by Johannes van Eeden (South Africa)
The WJCB had another fruitful and exciting year since our last meeting in Switzerland. The Jersey cow is acknowledged worldwide today as the most profitable and efficient producer of high component milk and the growing numbers worldwide is a testimony to this. New countries are appearing on the horizon yearly, new shipments of Jerseys are dispatched and larger amounts of semen are sent to more countries annually. These new and exciting developments are also putting new demands on the WJCB and its structures and one of the biggest challenges is the ability to keep on serving this ever growing demand.
The meetings in Switzerland in June 2006 must count as one of the highlights in the development of the WJCB. The agenda was full and the decisions, as portrayed in the minutes, are numerous and far reaching. Not only was the program during our 10 days an example of efficiency and diversity, but it also gave us the opportunity to experience first hand that “big is not always better”. We got to experience the diversity of the Swiss culture and the way the dairy cow is interweaved into their everyday life. We were also introduced to their way of life on the farms and were amazed to see the way the younger generation are assimilated into this very intricate balance of traditional farming and blending that with a hyper modern society. But most of all we experienced a modern example of acculturation – the way the Jersey cow has in a short period of 5 years, since its arrival in Switzerland and through the efficient use of modern breeding methods, established herself as probably the biggest change in the modern dairy history of Switzerland. The way the Jersey has taken up her central place in the life of numerous dairy producers is truly an example of the ability of the Jersey cow to adapt and produce high value milk under extreme different circumstances.
Again our officers were extremely active in their different spheres of the world and reports of Jersey activities around the world affirm the absolute commitment of this extremely dedicated group of people. During the course of the year some of our officers met in different parts of the world and had fruitful discussions and here I specifically think about the coming together of Gonzalo Maldonado, Russel Gammon, Cherrie Bayer, Derrick Frigot and Poena van Niekerk in Madison in the second half of 2006, as well as Russell Gammon meeting up with Poena van Niekerk in South Africa in March 2007. There were also the visits by Derrick Frigot to Denmark the UK and France. Meetings like these give us the opportunity to exchange and share information and keep the momentum of our organization going.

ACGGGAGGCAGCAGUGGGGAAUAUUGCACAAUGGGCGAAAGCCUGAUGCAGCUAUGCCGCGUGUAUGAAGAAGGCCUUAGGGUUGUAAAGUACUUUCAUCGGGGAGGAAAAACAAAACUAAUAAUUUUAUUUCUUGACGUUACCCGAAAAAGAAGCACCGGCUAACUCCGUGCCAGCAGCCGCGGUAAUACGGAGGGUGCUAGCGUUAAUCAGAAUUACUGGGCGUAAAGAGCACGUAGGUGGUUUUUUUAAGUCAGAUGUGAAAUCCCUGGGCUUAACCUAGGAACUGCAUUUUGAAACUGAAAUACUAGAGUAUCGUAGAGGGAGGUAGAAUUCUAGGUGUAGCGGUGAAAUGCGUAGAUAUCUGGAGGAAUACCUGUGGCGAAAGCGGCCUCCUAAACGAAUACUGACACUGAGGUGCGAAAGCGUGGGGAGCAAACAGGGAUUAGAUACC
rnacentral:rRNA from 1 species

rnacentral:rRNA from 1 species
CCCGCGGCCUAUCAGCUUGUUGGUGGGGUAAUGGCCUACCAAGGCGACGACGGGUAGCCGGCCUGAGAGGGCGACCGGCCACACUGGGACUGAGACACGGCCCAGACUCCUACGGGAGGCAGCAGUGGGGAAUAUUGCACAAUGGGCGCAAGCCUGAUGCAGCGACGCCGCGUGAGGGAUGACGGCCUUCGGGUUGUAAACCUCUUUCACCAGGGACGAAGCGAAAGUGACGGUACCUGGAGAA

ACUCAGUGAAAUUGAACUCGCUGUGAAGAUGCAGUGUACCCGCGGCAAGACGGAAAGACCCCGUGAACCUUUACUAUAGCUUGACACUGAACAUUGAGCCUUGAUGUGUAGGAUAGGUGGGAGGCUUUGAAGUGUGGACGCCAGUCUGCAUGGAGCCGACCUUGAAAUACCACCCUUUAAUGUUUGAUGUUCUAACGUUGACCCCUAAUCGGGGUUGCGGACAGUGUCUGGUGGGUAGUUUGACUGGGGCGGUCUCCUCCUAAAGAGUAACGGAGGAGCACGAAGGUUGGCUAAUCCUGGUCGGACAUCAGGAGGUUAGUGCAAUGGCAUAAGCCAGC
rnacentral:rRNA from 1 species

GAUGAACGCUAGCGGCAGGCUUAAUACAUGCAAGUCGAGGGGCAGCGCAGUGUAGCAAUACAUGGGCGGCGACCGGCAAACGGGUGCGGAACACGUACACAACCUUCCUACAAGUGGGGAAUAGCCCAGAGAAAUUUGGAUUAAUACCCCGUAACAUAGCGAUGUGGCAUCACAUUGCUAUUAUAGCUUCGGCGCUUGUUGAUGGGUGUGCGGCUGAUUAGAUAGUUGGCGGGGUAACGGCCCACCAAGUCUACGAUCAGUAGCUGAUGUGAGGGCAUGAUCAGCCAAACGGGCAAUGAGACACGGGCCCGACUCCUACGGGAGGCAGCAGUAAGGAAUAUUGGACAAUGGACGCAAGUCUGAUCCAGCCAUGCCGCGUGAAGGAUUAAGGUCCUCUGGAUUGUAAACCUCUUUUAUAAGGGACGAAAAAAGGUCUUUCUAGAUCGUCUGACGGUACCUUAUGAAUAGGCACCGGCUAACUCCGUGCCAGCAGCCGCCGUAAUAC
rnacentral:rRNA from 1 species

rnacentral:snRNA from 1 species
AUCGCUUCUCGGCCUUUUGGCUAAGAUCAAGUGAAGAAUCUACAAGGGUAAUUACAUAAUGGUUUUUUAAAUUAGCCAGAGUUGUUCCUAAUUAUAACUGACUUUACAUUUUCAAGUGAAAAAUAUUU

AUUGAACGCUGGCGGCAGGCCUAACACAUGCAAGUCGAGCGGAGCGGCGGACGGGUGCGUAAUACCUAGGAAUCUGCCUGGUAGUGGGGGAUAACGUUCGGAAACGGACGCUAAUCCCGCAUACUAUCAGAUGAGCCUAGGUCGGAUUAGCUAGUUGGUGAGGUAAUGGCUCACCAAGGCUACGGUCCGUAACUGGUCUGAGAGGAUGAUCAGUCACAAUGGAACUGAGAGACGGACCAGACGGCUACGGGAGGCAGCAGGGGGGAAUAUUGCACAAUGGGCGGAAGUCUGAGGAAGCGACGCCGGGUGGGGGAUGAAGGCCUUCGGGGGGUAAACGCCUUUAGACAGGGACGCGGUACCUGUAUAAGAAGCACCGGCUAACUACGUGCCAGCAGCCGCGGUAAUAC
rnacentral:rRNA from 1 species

Our International Youth Travel Award program is also keeping the flag of the WJCB flying in different parts of the world. During February and March 2007, I met up with Anne and Robin Corner in South Africa and had the opportunity to discus the details of the program with them. I would once again like to use this opportunity to thank the extremely dedicated Anne Corner (ably assisted and motivated by Robin) as well as her whole team of volunteers around the world, for the fantastic work they are doing. This is an investment for the future and we have seen so many good results.
Two of our able and gifted members also resigned their duties during the course of the year. I would like to thank Ryzcard Skrypek, our scientific adviser and researcher of many years for the dedicated work done over this period. It benefited numerous farmers, scientists, researchers and Jersey enthusiasts from as far affield as Costa Rica to NZ and Africa to the Americas. I would also like to thank Suzanne Le Feuvre for the dedicated work she has done as secretary since 2005. Suzanne has many years of experience with the Bureau and hopefully this knowledge will not be lost in the future.
Before and after the meetings in Switzerland I had a trip through 6 European countries. Apart from taking part in official activities in the Netherlands, it was a pleasure to drive through the rural parts of Germany, France, Belgium and Italy and see Jersey cows. I had meetings with numerous of people in these countries and it is amazing to see the growth in Jersey numbers. In September 2006 I was fortunate to Judge the Prado, national show of Uruguay as well as the regional Jersey show in the province of Entre Rios in Argentina. Here I was fortunate to experience first hand the results of the growth of the Jersey breed in this part of the world, with numerous new Jersey and crossbred herds established.
During the course of the 2006/7 numerous Jerseys and quantities of Jersey semen were exported to different and new Jersey countries around the world. Another batch of pregnant Jersey heifers went from South Africa to Rwanda and it must surely count as one of the most successful restocking programs anywhere in the modern world. Jerseys are flourishing again in Albania and semen was used for the first time in Suriname, a Dutch colony in South America where only Holstein-Friesians were seen until very recently. The export and use of Jersey semen is a worldwide phenomenon and crossbreeding with Jerseys in NZ, Australia, South Africa, the USA, Argentina and Uruguay is an ever growing practise.
I would like to emphasize that it is an honour and privilege to be involved and work with such a group of dedicated Jersey people from all around the world. Yearly I am amazed to see the resurgence of enthusiasm and growth in dedication. I would like to thank each and every one involved with the Bureau and the Jersey breed around the world, for their dedication and effort – the results are there for everyone to see. I would also like to use this opportunity to thank Massaru Kashiwagi for the tremendous amount of work he has put into the planning of our meetings in Brazil in 2007.
Johannes van Eeden,
President, World Jersey Cattle Bureau June 2007